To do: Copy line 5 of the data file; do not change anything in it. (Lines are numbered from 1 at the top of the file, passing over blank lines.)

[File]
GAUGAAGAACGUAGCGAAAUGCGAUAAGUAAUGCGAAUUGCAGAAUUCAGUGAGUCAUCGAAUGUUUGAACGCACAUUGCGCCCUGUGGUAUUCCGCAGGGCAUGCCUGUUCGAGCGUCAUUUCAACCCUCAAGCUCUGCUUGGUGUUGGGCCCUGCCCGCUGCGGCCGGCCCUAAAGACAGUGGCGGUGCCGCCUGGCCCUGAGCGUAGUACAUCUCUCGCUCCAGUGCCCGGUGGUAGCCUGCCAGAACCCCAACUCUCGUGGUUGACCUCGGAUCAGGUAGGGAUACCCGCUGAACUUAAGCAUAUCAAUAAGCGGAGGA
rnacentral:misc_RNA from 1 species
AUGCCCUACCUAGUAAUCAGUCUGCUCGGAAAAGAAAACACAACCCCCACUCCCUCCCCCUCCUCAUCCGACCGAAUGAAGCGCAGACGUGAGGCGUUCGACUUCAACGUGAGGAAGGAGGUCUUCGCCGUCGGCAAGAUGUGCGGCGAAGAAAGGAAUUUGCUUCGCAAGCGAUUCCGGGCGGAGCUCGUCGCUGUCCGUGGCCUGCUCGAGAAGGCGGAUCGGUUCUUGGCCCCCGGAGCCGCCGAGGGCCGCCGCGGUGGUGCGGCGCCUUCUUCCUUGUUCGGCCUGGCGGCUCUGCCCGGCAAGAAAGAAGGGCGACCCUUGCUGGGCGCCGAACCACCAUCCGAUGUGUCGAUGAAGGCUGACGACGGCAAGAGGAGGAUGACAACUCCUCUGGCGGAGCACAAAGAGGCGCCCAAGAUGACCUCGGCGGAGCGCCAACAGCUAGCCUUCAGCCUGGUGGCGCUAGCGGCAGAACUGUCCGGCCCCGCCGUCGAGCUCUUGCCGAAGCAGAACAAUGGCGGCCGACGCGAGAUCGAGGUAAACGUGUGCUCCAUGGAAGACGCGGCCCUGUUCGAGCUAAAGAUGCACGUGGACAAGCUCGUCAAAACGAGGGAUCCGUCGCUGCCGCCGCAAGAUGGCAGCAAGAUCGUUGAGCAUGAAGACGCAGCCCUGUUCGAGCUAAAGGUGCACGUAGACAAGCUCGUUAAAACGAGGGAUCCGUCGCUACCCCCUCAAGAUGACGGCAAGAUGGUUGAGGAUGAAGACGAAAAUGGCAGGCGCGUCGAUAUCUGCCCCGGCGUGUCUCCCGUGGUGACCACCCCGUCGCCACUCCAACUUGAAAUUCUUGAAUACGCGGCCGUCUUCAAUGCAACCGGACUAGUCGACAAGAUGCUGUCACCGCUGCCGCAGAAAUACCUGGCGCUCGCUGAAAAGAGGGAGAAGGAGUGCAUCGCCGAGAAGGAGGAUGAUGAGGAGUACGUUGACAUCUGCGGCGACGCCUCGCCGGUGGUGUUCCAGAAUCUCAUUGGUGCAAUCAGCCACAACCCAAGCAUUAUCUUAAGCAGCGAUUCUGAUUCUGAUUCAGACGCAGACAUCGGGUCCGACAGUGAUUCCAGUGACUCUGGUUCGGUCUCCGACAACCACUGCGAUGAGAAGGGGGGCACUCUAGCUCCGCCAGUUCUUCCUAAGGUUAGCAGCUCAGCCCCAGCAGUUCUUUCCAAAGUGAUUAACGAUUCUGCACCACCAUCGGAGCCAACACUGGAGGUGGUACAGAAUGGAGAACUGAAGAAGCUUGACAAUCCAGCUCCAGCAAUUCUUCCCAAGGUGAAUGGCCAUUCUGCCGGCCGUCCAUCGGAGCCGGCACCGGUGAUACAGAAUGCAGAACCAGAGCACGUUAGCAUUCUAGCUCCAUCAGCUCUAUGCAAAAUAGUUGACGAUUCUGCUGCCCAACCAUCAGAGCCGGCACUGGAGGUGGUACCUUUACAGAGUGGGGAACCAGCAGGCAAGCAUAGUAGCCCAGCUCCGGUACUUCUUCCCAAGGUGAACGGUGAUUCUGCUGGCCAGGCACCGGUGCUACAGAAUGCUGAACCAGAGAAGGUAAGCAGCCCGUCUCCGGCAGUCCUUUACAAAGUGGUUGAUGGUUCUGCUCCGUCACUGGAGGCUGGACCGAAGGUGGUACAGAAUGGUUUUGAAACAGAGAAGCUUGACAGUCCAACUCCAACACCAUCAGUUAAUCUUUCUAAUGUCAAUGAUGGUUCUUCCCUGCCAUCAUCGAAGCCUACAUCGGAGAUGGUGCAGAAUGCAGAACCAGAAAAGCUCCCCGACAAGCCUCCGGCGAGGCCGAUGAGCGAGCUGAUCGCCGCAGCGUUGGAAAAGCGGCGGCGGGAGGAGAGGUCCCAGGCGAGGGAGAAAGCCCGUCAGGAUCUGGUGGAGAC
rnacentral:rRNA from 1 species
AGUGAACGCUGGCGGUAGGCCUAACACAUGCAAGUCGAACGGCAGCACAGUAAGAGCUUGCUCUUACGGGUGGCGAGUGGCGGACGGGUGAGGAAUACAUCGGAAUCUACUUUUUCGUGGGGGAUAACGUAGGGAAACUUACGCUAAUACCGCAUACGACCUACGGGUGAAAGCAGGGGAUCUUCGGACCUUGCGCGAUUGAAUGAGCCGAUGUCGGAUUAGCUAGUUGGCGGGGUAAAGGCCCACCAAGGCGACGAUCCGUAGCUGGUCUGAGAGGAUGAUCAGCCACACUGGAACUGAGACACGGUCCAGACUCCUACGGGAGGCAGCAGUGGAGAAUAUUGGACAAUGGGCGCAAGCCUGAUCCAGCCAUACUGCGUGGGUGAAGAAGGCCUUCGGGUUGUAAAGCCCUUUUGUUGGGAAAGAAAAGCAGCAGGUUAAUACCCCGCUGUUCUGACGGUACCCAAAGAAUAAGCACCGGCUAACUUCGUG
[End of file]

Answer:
AGUGAACGCUGGCGGUAGGCCUAACACAUGCAAGUCGAACGGCAGCACAGUAAGAGCUUGCUCUUACGGGUGGCGAGUGGCGGACGGGUGAGGAAUACAUCGGAAUCUACUUUUUCGUGGGGGAUAACGUAGGGAAACUUACGCUAAUACCGCAUACGACCUACGGGUGAAAGCAGGGGAUCUUCGGACCUUGCGCGAUUGAAUGAGCCGAUGUCGGAUUAGCUAGUUGGCGGGGUAAAGGCCCACCAAGGCGACGAUCCGUAGCUGGUCUGAGAGGAUGAUCAGCCACACUGGAACUGAGACACGGUCCAGACUCCUACGGGAGGCAGCAGUGGAGAAUAUUGGACAAUGGGCGCAAGCCUGAUCCAGCCAUACUGCGUGGGUGAAGAAGGCCUUCGGGUUGUAAAGCCCUUUUGUUGGGAAAGAAAAGCAGCAGGUUAAUACCCCGCUGUUCUGACGGUACCCAAAGAAUAAGCACCGGCUAACUUCGUG